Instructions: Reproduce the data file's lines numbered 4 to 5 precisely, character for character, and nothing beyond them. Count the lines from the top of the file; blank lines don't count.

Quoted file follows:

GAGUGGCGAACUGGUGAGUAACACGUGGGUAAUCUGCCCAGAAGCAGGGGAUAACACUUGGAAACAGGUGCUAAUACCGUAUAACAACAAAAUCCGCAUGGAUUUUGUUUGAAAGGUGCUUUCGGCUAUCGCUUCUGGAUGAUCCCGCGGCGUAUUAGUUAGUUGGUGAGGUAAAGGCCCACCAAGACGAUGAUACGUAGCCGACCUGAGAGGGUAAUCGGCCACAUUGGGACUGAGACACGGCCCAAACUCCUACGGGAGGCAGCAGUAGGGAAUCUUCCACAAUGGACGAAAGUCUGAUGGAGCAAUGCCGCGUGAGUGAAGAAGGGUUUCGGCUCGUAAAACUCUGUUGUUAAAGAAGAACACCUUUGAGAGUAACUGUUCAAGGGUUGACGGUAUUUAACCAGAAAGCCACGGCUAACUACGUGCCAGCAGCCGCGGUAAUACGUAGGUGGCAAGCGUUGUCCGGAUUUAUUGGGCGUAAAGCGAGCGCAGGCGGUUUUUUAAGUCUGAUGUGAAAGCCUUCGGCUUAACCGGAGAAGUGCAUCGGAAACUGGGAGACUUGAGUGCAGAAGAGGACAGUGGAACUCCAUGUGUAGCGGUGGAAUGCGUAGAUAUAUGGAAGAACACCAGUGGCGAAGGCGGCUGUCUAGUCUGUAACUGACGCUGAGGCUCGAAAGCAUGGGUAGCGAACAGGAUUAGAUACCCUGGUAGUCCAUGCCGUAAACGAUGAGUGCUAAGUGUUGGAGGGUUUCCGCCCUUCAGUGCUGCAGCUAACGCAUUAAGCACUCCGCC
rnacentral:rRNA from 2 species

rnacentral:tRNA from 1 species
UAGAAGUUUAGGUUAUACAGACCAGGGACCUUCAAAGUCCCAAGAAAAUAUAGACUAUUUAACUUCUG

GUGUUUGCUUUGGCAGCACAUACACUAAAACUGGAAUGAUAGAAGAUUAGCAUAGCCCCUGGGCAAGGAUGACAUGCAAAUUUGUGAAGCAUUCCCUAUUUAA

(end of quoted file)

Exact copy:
UAGAAGUUUAGGUUAUACAGACCAGGGACCUUCAAAGUCCCAAGAAAAUAUAGACUAUUUAACUUCUG

GUGUUUGCUUUGGCAGCACAUACACUAAAACUGGAAUGAUAGAAGAUUAGCAUAGCCCCUGGGCAAGGAUGACAUGCAAAUUUGUGAAGCAUUCCCUAUUUAA